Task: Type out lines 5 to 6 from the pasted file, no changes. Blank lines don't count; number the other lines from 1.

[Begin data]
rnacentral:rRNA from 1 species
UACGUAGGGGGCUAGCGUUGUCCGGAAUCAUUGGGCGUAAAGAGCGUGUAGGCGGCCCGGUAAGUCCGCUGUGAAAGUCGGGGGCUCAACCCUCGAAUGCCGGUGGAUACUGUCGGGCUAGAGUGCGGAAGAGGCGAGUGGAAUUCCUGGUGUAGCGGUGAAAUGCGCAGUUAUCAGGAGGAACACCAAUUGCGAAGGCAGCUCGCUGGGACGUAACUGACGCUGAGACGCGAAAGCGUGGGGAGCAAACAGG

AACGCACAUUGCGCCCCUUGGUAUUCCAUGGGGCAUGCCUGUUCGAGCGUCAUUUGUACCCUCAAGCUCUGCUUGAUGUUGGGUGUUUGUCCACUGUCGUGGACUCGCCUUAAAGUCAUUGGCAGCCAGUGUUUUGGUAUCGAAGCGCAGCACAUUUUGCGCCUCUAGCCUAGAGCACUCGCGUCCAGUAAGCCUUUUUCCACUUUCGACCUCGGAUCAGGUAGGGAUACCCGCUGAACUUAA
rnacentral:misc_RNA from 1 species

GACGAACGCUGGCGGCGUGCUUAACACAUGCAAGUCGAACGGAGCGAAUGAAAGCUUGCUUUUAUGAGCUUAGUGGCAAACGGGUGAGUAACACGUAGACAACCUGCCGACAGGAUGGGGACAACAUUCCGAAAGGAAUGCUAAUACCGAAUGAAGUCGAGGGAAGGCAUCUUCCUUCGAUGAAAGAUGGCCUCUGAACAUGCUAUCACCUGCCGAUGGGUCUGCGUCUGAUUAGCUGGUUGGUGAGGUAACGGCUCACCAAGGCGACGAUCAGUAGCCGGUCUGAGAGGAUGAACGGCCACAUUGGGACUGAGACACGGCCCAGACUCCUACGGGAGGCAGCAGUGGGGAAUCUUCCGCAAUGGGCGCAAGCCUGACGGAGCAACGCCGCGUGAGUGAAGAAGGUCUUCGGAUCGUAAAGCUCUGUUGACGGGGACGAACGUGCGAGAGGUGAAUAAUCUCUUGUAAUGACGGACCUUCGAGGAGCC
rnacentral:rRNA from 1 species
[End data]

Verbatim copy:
GACGAACGCUGGCGGCGUGCUUAACACAUGCAAGUCGAACGGAGCGAAUGAAAGCUUGCUUUUAUGAGCUUAGUGGCAAACGGGUGAGUAACACGUAGACAACCUGCCGACAGGAUGGGGACAACAUUCCGAAAGGAAUGCUAAUACCGAAUGAAGUCGAGGGAAGGCAUCUUCCUUCGAUGAAAGAUGGCCUCUGAACAUGCUAUCACCUGCCGAUGGGUCUGCGUCUGAUUAGCUGGUUGGUGAGGUAACGGCUCACCAAGGCGACGAUCAGUAGCCGGUCUGAGAGGAUGAACGGCCACAUUGGGACUGAGACACGGCCCAGACUCCUACGGGAGGCAGCAGUGGGGAAUCUUCCGCAAUGGGCGCAAGCCUGACGGAGCAACGCCGCGUGAGUGAAGAAGGUCUUCGGAUCGUAAAGCUCUGUUGACGGGGACGAACGUGCGAGAGGUGAAUAAUCUCUUGUAAUGACGGACCUUCGAGGAGCC
rnacentral:rRNA from 1 species